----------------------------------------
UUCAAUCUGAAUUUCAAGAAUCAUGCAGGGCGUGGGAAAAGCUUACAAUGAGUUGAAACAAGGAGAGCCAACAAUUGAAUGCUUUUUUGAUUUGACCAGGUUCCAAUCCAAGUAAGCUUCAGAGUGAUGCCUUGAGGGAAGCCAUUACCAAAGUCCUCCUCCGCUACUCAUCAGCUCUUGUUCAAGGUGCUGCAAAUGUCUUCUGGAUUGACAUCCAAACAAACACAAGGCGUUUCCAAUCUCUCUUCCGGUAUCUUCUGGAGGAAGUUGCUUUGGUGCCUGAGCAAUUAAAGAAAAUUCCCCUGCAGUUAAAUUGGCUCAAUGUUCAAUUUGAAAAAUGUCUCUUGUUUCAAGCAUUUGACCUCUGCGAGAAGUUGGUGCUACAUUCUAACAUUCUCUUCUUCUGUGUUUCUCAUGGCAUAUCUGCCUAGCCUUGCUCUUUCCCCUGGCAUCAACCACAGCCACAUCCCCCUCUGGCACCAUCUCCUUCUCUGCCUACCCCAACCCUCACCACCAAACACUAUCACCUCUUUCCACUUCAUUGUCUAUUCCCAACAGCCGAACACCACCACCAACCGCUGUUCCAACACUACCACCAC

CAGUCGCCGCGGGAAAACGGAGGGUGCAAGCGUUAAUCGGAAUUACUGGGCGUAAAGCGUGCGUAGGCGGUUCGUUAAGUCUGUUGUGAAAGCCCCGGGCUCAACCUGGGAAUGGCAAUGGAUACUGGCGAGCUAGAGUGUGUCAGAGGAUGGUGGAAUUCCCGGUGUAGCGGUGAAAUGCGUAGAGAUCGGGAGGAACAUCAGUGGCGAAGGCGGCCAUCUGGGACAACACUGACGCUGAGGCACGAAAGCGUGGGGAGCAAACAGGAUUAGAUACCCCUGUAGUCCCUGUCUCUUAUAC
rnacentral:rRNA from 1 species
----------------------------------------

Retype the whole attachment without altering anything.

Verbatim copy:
UUCAAUCUGAAUUUCAAGAAUCAUGCAGGGCGUGGGAAAAGCUUACAAUGAGUUGAAACAAGGAGAGCCAACAAUUGAAUGCUUUUUUGAUUUGACCAGGUUCCAAUCCAAGUAAGCUUCAGAGUGAUGCCUUGAGGGAAGCCAUUACCAAAGUCCUCCUCCGCUACUCAUCAGCUCUUGUUCAAGGUGCUGCAAAUGUCUUCUGGAUUGACAUCCAAACAAACACAAGGCGUUUCCAAUCUCUCUUCCGGUAUCUUCUGGAGGAAGUUGCUUUGGUGCCUGAGCAAUUAAAGAAAAUUCCCCUGCAGUUAAAUUGGCUCAAUGUUCAAUUUGAAAAAUGUCUCUUGUUUCAAGCAUUUGACCUCUGCGAGAAGUUGGUGCUACAUUCUAACAUUCUCUUCUUCUGUGUUUCUCAUGGCAUAUCUGCCUAGCCUUGCUCUUUCCCCUGGCAUCAACCACAGCCACAUCCCCCUCUGGCACCAUCUCCUUCUCUGCCUACCCCAACCCUCACCACCAAACACUAUCACCUCUUUCCACUUCAUUGUCUAUUCCCAACAGCCGAACACCACCACCAACCGCUGUUCCAACACUACCACCAC

CAGUCGCCGCGGGAAAACGGAGGGUGCAAGCGUUAAUCGGAAUUACUGGGCGUAAAGCGUGCGUAGGCGGUUCGUUAAGUCUGUUGUGAAAGCCCCGGGCUCAACCUGGGAAUGGCAAUGGAUACUGGCGAGCUAGAGUGUGUCAGAGGAUGGUGGAAUUCCCGGUGUAGCGGUGAAAUGCGUAGAGAUCGGGAGGAACAUCAGUGGCGAAGGCGGCCAUCUGGGACAACACUGACGCUGAGGCACGAAAGCGUGGGGAGCAAACAGGAUUAGAUACCCCUGUAGUCCCUGUCUCUUAUAC
rnacentral:rRNA from 1 species